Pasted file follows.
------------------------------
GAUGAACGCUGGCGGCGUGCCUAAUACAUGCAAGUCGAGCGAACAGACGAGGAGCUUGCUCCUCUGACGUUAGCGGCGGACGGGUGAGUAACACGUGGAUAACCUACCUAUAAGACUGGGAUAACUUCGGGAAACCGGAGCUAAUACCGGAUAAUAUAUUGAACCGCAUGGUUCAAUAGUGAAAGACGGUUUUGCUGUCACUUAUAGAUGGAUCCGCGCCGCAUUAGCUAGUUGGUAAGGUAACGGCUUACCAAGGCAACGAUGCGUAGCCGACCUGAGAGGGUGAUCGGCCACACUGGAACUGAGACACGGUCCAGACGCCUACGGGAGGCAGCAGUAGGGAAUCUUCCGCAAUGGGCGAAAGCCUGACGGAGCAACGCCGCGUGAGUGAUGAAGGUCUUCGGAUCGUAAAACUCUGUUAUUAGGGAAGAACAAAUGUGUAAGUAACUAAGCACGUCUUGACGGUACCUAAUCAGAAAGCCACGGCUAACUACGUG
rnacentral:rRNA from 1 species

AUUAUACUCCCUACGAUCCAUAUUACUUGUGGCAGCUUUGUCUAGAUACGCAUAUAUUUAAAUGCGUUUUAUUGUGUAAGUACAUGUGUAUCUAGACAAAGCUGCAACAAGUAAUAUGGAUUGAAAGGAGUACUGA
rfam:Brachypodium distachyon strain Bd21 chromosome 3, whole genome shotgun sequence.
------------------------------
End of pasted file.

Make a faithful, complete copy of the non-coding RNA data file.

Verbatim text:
GAUGAACGCUGGCGGCGUGCCUAAUACAUGCAAGUCGAGCGAACAGACGAGGAGCUUGCUCCUCUGACGUUAGCGGCGGACGGGUGAGUAACACGUGGAUAACCUACCUAUAAGACUGGGAUAACUUCGGGAAACCGGAGCUAAUACCGGAUAAUAUAUUGAACCGCAUGGUUCAAUAGUGAAAGACGGUUUUGCUGUCACUUAUAGAUGGAUCCGCGCCGCAUUAGCUAGUUGGUAAGGUAACGGCUUACCAAGGCAACGAUGCGUAGCCGACCUGAGAGGGUGAUCGGCCACACUGGAACUGAGACACGGUCCAGACGCCUACGGGAGGCAGCAGUAGGGAAUCUUCCGCAAUGGGCGAAAGCCUGACGGAGCAACGCCGCGUGAGUGAUGAAGGUCUUCGGAUCGUAAAACUCUGUUAUUAGGGAAGAACAAAUGUGUAAGUAACUAAGCACGUCUUGACGGUACCUAAUCAGAAAGCCACGGCUAACUACGUG
rnacentral:rRNA from 1 species

AUUAUACUCCCUACGAUCCAUAUUACUUGUGGCAGCUUUGUCUAGAUACGCAUAUAUUUAAAUGCGUUUUAUUGUGUAAGUACAUGUGUAUCUAGACAAAGCUGCAACAAGUAAUAUGGAUUGAAAGGAGUACUGA
rfam:Brachypodium distachyon strain Bd21 chromosome 3, whole genome shotgun sequence.